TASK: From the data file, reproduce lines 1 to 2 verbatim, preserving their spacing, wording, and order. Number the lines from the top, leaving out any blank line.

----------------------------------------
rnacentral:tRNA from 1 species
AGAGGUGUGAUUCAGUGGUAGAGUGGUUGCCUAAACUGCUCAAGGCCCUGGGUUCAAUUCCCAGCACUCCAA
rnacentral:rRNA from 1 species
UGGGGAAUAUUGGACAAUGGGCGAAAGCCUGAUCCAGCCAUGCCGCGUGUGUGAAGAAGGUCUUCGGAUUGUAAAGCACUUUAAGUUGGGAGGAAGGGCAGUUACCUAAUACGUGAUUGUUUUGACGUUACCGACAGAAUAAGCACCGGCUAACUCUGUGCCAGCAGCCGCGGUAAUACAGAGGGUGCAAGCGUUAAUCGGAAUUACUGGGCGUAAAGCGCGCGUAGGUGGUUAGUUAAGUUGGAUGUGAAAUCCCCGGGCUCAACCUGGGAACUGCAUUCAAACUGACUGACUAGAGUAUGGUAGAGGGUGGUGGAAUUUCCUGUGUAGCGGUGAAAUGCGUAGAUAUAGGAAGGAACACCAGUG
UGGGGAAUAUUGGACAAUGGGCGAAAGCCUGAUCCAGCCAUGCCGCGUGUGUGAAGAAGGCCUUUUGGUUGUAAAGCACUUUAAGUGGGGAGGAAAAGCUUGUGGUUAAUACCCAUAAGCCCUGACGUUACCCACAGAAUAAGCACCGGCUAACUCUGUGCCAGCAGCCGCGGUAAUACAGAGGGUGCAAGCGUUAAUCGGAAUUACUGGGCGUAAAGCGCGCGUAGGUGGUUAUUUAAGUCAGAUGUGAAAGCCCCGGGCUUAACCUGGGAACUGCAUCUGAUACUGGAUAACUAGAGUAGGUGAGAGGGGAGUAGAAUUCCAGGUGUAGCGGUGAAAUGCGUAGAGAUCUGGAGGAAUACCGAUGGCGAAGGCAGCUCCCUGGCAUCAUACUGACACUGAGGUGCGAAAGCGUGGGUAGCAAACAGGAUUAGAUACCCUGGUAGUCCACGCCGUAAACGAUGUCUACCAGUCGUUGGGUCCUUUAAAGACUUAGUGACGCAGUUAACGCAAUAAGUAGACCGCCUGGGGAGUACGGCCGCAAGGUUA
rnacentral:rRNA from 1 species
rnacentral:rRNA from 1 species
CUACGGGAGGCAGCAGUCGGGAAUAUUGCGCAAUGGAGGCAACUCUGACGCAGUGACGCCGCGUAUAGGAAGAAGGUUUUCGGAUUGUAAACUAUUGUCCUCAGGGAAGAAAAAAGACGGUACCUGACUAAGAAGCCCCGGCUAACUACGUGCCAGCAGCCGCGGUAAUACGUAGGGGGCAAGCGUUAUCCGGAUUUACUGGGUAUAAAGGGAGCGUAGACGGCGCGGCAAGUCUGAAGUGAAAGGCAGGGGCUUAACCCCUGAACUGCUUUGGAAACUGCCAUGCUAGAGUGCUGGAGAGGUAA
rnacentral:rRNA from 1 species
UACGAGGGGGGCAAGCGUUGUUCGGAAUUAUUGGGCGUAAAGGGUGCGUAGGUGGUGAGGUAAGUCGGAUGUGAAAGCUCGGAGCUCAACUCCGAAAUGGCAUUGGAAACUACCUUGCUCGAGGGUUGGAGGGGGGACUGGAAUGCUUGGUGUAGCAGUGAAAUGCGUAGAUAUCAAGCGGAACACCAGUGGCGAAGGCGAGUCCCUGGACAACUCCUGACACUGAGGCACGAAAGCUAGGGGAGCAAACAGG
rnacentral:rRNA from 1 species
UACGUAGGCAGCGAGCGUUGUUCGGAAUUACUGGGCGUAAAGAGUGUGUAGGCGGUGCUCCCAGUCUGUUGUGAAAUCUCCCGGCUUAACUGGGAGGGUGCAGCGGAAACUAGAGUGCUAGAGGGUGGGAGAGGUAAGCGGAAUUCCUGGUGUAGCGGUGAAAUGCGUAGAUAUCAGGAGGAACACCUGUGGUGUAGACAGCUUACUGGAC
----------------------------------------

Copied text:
rnacentral:tRNA from 1 species
AGAGGUGUGAUUCAGUGGUAGAGUGGUUGCCUAAACUGCUCAAGGCCCUGGGUUCAAUUCCCAGCACUCCAA